Under the draft legislation, news organizations can be prosecuted even if they republish or rebroadcast a report in good faith and were unaware of its errors.
Andrei Richter is the director of the Media Law and Policy Institute in Moscow. He says such a law would considerably extend news organization’s liability for incorrect information.
“People whose interests were violated [by the report] used to take action against the person who first published the erroneous information. Those who retransmitted this information only had to publish a correction if this was required by the plaintiffs. Now, everyone is responsible: those who first published such information, and those who reprinted it not knowing, or even suspecting, this information was incorrect,” Richter said.
A Duma spokesperson, however, told RFE/RL that the text of the draft law was not final and that the parliament was open to suggestions and objections from journalists.
Richter says such a law does not exist in other countries, where -- like in Russia -- legislation on mass media protects journalists from prosecution if they can prove they were unaware that the information they used was untrue.
However, the Russian Civil Code stipulates that news organizations can bear legal responsibility if a court rules that they acted in bad faith and deliberately published an erroneous report.
Richter says journalists will be hard pressed to comply with the legislation even if it comes into force.
“Of course, this will have negative effects. Journalists from a traditional, average media outlet are simply unable to check the veracity of information on events that took place in Novosibirsk, Paris, or in rural regions. In practice, editorial offices will have to write only about what happens in their field of vision,” Richter said.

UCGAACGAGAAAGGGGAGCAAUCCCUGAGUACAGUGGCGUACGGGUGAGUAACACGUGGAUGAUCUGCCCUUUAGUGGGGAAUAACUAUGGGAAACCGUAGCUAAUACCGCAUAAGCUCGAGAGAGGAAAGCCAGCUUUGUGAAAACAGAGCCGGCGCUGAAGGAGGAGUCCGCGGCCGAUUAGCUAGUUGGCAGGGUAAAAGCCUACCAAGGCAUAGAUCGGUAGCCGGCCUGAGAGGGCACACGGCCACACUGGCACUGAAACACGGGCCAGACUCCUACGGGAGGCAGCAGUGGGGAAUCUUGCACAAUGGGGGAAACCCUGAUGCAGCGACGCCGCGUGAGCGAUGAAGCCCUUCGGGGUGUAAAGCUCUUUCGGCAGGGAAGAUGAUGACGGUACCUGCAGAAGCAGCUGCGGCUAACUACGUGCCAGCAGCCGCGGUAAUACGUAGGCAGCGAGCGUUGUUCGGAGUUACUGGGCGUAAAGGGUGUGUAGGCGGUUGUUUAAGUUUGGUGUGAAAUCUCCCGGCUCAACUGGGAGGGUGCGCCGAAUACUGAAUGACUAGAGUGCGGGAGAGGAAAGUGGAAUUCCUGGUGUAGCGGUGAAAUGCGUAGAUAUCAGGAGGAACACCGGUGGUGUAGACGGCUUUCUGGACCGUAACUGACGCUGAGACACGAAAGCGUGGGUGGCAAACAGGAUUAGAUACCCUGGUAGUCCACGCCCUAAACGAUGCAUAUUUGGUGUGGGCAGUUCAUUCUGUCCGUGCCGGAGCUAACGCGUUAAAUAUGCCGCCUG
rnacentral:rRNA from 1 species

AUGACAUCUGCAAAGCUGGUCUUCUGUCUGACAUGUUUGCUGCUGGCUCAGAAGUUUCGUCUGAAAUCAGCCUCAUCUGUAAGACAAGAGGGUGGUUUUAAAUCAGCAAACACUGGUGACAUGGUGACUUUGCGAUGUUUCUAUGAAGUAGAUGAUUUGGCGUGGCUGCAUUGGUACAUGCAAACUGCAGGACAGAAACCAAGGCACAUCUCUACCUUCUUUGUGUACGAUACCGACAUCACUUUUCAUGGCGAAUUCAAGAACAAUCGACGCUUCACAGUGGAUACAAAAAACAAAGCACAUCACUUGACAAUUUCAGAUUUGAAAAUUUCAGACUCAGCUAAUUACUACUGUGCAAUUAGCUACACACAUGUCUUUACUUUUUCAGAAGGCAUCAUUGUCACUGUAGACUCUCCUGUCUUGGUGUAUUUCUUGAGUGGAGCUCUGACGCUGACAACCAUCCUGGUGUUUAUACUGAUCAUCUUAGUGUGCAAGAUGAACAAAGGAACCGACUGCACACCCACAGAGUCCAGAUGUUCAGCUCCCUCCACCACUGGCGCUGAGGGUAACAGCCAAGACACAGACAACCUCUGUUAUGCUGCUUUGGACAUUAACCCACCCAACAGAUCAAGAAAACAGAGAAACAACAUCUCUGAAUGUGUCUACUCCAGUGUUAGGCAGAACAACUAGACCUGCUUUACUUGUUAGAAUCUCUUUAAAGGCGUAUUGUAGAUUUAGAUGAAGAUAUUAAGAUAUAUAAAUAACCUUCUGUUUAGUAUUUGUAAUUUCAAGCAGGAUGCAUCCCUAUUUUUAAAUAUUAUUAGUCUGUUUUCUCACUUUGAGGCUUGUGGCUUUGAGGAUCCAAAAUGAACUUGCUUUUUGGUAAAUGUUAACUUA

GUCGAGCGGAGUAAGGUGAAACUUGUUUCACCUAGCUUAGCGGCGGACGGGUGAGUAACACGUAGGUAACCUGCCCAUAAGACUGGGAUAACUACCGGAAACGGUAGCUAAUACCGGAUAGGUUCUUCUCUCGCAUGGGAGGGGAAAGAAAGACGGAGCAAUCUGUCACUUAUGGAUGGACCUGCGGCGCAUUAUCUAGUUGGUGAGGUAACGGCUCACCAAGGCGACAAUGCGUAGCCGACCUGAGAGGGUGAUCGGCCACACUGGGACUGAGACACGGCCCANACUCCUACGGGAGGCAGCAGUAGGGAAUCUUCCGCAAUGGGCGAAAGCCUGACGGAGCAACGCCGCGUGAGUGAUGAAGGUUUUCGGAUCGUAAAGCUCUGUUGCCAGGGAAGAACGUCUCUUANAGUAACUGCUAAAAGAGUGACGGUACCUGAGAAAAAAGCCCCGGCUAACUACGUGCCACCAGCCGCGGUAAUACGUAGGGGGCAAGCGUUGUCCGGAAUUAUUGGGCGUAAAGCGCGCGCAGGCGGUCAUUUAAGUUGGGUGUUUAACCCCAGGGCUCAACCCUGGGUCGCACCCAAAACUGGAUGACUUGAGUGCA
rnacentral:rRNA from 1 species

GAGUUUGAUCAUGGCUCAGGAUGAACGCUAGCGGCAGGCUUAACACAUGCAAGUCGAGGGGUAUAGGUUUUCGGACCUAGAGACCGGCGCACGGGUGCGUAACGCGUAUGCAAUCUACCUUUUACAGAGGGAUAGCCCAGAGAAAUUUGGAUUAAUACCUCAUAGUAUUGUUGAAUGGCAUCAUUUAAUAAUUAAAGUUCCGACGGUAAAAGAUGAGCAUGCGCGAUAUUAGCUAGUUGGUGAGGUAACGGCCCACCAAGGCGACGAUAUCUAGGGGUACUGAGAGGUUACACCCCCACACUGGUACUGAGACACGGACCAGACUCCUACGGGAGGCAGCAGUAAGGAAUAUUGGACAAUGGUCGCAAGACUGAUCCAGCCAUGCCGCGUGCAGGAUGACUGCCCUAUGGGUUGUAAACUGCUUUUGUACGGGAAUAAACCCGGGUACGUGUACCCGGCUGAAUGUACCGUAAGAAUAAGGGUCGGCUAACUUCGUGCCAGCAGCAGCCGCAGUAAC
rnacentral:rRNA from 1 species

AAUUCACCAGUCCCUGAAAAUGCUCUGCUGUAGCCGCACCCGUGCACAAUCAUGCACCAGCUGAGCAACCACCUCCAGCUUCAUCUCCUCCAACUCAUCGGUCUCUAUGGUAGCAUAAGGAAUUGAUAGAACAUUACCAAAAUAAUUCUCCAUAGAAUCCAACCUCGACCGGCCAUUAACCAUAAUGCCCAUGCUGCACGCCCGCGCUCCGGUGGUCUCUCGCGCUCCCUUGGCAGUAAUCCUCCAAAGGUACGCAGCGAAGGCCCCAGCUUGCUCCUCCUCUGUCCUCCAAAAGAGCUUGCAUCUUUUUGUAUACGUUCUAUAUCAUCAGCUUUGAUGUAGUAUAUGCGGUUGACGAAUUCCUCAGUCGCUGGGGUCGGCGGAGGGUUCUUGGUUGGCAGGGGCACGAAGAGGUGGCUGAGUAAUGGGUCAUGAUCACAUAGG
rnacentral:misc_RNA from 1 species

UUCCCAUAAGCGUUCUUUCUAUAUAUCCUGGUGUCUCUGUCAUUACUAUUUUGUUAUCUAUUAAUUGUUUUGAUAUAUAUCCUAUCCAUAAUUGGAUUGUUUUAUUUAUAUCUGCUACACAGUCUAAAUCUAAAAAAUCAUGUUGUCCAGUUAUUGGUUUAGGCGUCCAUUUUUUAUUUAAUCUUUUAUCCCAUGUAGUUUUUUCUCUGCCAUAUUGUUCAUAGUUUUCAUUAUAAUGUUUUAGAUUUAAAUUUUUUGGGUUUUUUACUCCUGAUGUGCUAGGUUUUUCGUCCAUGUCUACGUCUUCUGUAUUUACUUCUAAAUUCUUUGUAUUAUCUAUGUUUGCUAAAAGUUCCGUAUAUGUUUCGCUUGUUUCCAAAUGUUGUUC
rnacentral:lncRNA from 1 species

This is particularly true for low-budget or regional news outlets, which lack the funds to double-check all reports.
Richter says the Kremlin’s motive in proposing the amendments was to prevent media outlets from abusing their immunity when they redistribute wrong information.
But the existing legislation, he contends, provides enough tools to curb this type of abuse.
Anna Volodina is a lawyer at the Glasnost Defense Foundation, which monitors media rights abuses in Russia.
She says new organizations could face heavy fines or even closure if the draft legislation becomes law.
“The biggest sanction faced by news organizations for violating the law on election and referendums is either a relatively important fine or the suspension of its activities,” Volodina said.
However, she says, the legislation, would not provide a sufficient basis for putting journalists behind bars for libel unless the charge is combined with another serious offence.
(Alik Gilmullin of the Tatar-Bashkir Service contributed to this report)